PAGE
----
Chesapeake: The Sierra Club Maryland Chapter Newsletter
 
Chapter Home
 
Chesapeake
Newsletter Home
Past Issues
 

Celebrating Success While Preparing for New Challenges
click for print view

by Ron Henry | 2008

Wow, it happened! Let’s celebrate the election results at the state and national levels. We now have the opportunity to set in place, put into motion, ensure execution, and achieve the environmental objectives that are so sorely needed and long fought for. Congratulations and thanks for the efforts made by every MD Chapter Sierran, volunteers and staff, in achieving the election results that provided this opportunity. You have done yourselves proud.

Wow, it happened! Let’s celebrate the election results at the state and national levels. We now have the opportunity to set in place, put into motion, ensure execution, and achieve the environmental objectives that are so sorely needed and long fought for. Congratulations and thanks for the efforts made by every MD Chapter Sierran, volunteers and staff, in achieving the election results that provided this opportunity. You have done yourselves proud.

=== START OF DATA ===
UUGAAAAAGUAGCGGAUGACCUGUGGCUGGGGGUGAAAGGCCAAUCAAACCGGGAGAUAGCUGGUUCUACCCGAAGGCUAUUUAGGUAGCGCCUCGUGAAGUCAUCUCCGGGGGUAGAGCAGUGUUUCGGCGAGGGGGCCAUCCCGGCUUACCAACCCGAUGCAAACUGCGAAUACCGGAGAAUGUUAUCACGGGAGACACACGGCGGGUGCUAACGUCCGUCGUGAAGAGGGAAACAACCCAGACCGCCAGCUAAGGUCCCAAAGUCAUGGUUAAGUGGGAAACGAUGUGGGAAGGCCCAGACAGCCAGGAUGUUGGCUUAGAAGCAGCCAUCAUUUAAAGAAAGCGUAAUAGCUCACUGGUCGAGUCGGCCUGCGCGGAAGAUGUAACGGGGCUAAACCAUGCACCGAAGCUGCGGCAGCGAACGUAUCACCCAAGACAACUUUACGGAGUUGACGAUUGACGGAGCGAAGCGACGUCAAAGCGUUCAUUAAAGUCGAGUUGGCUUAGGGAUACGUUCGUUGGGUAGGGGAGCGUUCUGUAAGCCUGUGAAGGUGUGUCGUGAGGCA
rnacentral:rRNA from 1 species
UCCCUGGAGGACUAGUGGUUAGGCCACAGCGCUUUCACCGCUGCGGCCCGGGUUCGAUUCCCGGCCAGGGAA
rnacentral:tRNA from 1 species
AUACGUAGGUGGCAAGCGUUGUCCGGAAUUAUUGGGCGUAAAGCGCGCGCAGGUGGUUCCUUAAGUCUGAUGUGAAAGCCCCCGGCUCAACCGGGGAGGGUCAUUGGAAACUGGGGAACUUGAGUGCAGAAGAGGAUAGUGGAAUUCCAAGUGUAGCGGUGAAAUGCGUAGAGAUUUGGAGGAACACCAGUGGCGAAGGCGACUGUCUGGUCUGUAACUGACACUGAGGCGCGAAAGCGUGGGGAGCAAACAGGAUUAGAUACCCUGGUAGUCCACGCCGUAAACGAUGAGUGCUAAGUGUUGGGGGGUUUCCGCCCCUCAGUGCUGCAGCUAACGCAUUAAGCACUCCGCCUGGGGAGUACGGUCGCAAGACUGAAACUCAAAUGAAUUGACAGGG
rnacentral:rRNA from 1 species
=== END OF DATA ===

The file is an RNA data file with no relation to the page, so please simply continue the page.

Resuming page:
Special thanks are due Jan Graham, our recent past Legislative Chair and long-time Eastern Shore Group activist. Jan’s insight into the potential viability of a local Eastern Shoreman as the candidate for 1st Congressional District, all her ensuing efforts in getting that campaign off to a fine running start, and her proactivity throughout are especially noteworthy. Thank you, Jan.

Special thanks are also due the “Anonymous Donor” for providing matching funds for that campaign, enabling the use of intensely focused staff time to increase our membership’s involvement. Special thanks are also due Betsy Johnson, our Chapter Political Chair, for shepherding the whole effort. And very special thanks to all our Groups’ Political Committees and Chairs, who were so wonderfully integral in making this very positive election outcome a reality.

We now must move forward with our issue campaigns in this time of scarce resources, and achieve our objectives by using our resources as wisely as possible. To do so will entail having all Sierrans bring to the 2009 issue campaigns all of the passion that you so admirably displayed during the election process. We need to maintain that level of proactivity to ensure passage of the necessary legislation to achieve the goals of our campaigns. We can do it.